navy rule
navy rule

Mesocosm Home



Build It

Run It



More Info


Return to Munin Home

Copyright ©2000-06
P.D. Schreuders

Build It

Below is the design for a basic tank. You do not need to adhere to these protocols, you can put whatever you want in your tank so long as your budget allows it. Some other things that can be put in your tank can be found in biota, but again, those are only suggestions. You could even add a stirring device that would help the prevent turbidity.

  • 10-gallon aquarium tank
  • aquarium light
  • one cubic foot of coral gravel
  • 4-5 bundles of anarcharis
  • 20 liters of room temperature, non-chlorinated fresh water
  • 4 crayfish (babies, if possible)
  • 2 clumps of java moss
  • 4 PVC plastic tubes (large enough for one crayfish to fit inside) or other plastic hiding spots plastic plants (as desired)
  • Aquarium dividers (optional)


  • If the tank is not new, thoroughly wash it out with soap and water. A dish scrubber will make removal of algae easier.
  • Pass tap water through the gravel for about ten minutes using a screen or pasta strainer. This will help to remove dust particles, impurities and biological contaminants from the gravel.
  • Cover the bottom of the tank evenly with gravel to a depth of approximately 1". You could add some crushed coral to the gravel as well. Crushed coral buffers the water against a change in pH and also provides a source of calcium for the crayfish.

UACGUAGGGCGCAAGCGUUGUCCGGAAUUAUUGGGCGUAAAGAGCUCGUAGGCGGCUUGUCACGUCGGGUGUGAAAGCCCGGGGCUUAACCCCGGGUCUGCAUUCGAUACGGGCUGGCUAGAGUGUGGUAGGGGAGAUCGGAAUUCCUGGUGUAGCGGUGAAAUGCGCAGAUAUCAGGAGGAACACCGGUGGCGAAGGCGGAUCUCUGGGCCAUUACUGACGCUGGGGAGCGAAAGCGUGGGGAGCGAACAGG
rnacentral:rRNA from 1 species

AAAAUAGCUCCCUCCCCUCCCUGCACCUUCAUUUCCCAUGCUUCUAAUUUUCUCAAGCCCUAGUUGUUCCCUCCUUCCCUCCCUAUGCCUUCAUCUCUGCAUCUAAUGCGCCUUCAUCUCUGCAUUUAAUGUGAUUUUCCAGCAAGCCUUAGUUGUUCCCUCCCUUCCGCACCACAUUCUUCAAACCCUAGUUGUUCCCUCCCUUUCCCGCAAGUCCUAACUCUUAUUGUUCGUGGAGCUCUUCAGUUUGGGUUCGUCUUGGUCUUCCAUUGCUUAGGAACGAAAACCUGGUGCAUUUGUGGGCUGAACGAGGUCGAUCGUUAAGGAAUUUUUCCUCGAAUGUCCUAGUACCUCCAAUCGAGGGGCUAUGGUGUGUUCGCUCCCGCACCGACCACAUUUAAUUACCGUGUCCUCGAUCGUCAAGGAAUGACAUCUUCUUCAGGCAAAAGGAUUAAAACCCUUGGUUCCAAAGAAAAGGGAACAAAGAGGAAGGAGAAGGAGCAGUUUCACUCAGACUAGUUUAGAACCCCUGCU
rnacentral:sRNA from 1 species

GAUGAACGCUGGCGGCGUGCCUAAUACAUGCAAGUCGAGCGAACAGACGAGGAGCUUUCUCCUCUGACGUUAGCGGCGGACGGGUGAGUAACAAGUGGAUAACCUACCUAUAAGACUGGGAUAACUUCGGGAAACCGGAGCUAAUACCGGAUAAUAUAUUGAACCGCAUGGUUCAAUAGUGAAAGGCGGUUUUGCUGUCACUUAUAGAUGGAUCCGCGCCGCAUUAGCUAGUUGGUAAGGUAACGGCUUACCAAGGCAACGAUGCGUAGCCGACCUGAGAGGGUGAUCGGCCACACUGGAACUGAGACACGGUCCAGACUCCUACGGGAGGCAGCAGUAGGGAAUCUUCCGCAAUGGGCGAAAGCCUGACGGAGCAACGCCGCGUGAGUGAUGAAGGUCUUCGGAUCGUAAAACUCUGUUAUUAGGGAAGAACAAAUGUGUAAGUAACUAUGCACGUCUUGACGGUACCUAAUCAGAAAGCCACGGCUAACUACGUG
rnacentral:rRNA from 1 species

• Cut the PVC tubing into 4" sections using a hacksaw. Have at least one PVC section or cup per crayfish. These "houses" are essential in providing a safe haven for the crayfish when they are undergoing their vulnerable molting stage.
  • Place the "houses" in the tank strategically, allowing each crayfish to have a personal territory equally distant from the other crayfish.
  • If desired, add aquarium dividers to separate the crayfish territories permanently. These should definitely be used if there is a problem with cannibalism, but be warned that crayfish can also learn to climb the dividers.
  • Dechlorinate about 6 gallons of water. You can use water treatment chemicals from your local pet store or run the water through a water filter such as Brita. A greater volume of water allows for a slightly greater buffering capacity for wastes but crayfish may be able to climb out of the tank if the water level is to high.
  • Add anacharis plants to the aquarium. Include about one bundle of 5-6 stalks of anacharis per crayfish. Remember that there need to be enough plants that they can grow to replace the eaten plant materials. The plants can be kept in bundles or placed separately as desired. Bury the root ends of the plants in the gravel or cover with several stones to help prevent the crayfish from pulling the plant up.
  • Add Java moss as needed. Make sure it is weighed down by something to prevent it from floating to the surface.
  • Add the crayfish to the system. The crayfish should be acclimated to the temperature of the water to prevent shock. Don't let the change occur faster then 5-10 Degrees an hour. This can be done by slowly mixing the water that they are being kept in with the water from the aquarium. Reducing the crayfishes stress in the system is always important.
navy rule